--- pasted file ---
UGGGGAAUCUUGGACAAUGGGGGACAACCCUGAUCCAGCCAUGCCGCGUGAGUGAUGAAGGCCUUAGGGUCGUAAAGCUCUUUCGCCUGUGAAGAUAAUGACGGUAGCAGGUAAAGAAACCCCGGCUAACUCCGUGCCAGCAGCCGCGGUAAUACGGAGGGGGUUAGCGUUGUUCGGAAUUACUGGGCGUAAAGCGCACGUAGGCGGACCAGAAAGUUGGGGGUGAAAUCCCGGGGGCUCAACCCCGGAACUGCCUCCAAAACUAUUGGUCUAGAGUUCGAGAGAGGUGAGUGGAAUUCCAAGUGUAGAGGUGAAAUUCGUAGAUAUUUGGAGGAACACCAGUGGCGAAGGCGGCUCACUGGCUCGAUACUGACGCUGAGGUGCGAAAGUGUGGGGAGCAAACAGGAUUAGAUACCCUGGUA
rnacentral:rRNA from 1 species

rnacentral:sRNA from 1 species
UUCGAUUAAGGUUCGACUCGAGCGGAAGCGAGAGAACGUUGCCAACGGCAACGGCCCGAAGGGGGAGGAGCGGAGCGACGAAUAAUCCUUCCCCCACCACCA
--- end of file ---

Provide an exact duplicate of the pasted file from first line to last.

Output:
UGGGGAAUCUUGGACAAUGGGGGACAACCCUGAUCCAGCCAUGCCGCGUGAGUGAUGAAGGCCUUAGGGUCGUAAAGCUCUUUCGCCUGUGAAGAUAAUGACGGUAGCAGGUAAAGAAACCCCGGCUAACUCCGUGCCAGCAGCCGCGGUAAUACGGAGGGGGUUAGCGUUGUUCGGAAUUACUGGGCGUAAAGCGCACGUAGGCGGACCAGAAAGUUGGGGGUGAAAUCCCGGGGGCUCAACCCCGGAACUGCCUCCAAAACUAUUGGUCUAGAGUUCGAGAGAGGUGAGUGGAAUUCCAAGUGUAGAGGUGAAAUUCGUAGAUAUUUGGAGGAACACCAGUGGCGAAGGCGGCUCACUGGCUCGAUACUGACGCUGAGGUGCGAAAGUGUGGGGAGCAAACAGGAUUAGAUACCCUGGUA
rnacentral:rRNA from 1 species

rnacentral:sRNA from 1 species
UUCGAUUAAGGUUCGACUCGAGCGGAAGCGAGAGAACGUUGCCAACGGCAACGGCCCGAAGGGGGAGGAGCGGAGCGACGAAUAAUCCUUCCCCCACCACCA